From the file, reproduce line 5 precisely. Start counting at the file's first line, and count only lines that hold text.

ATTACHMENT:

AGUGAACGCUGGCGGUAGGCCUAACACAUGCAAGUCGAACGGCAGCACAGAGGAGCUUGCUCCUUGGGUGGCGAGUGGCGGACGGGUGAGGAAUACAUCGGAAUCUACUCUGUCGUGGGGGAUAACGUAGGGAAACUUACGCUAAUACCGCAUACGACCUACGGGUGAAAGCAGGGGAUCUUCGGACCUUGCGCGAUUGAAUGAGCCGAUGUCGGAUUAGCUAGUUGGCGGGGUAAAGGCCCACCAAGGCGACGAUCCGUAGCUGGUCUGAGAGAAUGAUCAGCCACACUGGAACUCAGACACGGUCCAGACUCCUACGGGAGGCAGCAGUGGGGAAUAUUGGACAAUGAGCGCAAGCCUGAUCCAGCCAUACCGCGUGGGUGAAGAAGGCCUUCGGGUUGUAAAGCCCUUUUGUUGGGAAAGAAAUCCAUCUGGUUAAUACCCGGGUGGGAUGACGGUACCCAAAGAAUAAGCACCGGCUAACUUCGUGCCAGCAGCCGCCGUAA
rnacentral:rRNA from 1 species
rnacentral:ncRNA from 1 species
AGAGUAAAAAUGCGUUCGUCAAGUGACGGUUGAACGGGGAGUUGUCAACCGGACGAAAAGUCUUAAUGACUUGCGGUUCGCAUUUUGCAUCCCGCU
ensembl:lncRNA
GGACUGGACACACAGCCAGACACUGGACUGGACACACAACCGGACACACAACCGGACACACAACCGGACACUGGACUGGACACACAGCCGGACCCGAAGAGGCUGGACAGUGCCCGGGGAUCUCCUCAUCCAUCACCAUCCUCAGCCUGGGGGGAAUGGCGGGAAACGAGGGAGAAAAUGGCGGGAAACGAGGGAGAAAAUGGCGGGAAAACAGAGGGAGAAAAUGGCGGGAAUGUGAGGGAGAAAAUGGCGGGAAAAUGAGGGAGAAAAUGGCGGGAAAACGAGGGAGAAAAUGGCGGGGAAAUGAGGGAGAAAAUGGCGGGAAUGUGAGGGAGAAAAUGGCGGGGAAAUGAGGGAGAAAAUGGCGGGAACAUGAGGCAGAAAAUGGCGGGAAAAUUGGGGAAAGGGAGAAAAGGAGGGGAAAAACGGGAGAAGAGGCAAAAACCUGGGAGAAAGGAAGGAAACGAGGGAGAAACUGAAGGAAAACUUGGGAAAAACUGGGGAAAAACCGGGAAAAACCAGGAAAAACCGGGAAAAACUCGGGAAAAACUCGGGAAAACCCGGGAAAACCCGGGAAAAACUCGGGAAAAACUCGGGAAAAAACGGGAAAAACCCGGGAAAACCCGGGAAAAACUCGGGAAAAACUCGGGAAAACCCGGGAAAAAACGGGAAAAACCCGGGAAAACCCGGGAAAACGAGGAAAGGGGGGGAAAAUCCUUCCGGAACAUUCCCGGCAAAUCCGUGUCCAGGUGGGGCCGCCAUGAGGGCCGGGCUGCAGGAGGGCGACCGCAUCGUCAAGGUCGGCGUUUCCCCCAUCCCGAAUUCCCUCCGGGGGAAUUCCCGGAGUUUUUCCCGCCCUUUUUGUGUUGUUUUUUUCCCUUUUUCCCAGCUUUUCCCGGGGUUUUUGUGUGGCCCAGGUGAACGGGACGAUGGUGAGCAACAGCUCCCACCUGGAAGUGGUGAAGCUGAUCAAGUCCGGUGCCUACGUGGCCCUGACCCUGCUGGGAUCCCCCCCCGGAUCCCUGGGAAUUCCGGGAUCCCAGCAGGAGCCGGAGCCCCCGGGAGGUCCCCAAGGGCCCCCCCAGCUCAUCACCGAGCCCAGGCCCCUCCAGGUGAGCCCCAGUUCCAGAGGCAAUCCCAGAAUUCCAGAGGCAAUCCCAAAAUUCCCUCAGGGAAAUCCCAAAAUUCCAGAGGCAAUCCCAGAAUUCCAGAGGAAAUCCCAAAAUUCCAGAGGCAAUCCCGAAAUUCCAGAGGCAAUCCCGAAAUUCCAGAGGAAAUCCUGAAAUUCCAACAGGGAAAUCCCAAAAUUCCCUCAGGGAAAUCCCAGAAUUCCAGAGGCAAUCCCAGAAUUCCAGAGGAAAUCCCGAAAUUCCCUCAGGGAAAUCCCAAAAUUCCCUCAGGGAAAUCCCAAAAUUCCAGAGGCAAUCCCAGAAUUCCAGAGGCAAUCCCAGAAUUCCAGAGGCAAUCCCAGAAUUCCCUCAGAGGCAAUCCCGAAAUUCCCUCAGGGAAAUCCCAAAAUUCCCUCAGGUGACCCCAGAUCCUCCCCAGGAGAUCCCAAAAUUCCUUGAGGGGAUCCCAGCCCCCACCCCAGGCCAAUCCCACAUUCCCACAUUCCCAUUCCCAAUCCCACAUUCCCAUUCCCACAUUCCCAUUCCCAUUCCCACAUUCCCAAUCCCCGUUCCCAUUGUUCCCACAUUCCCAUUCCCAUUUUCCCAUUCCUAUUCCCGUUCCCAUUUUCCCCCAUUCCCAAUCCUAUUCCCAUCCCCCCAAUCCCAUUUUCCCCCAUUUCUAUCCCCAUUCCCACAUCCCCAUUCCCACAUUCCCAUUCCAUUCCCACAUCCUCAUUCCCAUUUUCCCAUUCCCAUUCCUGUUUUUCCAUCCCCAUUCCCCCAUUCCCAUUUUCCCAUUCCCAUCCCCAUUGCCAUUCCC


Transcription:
ensembl:lncRNA